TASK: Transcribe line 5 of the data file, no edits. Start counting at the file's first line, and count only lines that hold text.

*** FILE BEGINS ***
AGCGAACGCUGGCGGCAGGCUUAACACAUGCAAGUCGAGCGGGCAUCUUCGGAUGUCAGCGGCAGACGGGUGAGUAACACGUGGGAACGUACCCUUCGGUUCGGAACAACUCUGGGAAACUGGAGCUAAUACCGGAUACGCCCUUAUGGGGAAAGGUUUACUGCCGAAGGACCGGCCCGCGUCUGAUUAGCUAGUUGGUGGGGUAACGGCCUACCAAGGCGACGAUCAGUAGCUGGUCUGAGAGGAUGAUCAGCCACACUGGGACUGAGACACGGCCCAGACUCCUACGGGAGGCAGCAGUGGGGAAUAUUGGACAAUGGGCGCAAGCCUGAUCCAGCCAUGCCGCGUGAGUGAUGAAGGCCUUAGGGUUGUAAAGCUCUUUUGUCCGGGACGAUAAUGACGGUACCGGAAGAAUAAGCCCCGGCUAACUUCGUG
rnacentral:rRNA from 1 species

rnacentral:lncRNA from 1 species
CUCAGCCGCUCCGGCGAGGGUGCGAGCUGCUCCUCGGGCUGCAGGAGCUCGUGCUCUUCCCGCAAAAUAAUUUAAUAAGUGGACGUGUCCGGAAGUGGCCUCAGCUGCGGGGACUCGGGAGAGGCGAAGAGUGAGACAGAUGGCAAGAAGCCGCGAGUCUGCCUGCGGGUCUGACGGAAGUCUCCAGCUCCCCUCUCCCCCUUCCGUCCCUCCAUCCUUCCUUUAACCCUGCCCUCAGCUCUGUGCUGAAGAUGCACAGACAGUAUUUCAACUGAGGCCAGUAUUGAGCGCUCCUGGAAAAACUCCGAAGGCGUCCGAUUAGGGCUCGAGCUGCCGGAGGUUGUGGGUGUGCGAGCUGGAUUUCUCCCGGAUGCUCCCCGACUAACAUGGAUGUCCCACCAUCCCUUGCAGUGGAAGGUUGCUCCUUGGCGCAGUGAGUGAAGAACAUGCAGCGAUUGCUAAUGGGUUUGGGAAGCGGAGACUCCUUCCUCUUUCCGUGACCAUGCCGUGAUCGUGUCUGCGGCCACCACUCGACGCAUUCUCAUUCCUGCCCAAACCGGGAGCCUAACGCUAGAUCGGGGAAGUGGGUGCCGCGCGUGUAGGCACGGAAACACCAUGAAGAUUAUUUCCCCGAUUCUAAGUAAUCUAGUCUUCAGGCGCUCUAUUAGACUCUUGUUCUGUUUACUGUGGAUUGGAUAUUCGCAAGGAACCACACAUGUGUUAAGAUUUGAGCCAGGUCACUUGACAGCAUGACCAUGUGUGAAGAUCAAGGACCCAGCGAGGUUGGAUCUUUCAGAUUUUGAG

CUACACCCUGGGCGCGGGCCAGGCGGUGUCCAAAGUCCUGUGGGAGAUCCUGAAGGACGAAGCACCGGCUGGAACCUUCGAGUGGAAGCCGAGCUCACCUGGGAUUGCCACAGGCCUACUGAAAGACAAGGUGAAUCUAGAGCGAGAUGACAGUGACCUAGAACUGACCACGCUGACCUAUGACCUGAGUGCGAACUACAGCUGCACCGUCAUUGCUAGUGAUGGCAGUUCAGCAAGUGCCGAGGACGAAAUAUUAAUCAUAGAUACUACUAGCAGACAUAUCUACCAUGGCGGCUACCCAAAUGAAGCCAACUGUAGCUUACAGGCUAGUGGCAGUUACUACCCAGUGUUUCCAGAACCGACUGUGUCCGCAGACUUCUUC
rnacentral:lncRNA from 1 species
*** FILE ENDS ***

CUACACCCUGGGCGCGGGCCAGGCGGUGUCCAAAGUCCUGUGGGAGAUCCUGAAGGACGAAGCACCGGCUGGAACCUUCGAGUGGAAGCCGAGCUCACCUGGGAUUGCCACAGGCCUACUGAAAGACAAGGUGAAUCUAGAGCGAGAUGACAGUGACCUAGAACUGACCACGCUGACCUAUGACCUGAGUGCGAACUACAGCUGCACCGUCAUUGCUAGUGAUGGCAGUUCAGCAAGUGCCGAGGACGAAAUAUUAAUCAUAGAUACUACUAGCAGACAUAUCUACCAUGGCGGCUACCCAAAUGAAGCCAACUGUAGCUUACAGGCUAGUGGCAGUUACUACCCAGUGUUUCCAGAACCGACUGUGUCCGCAGACUUCUUC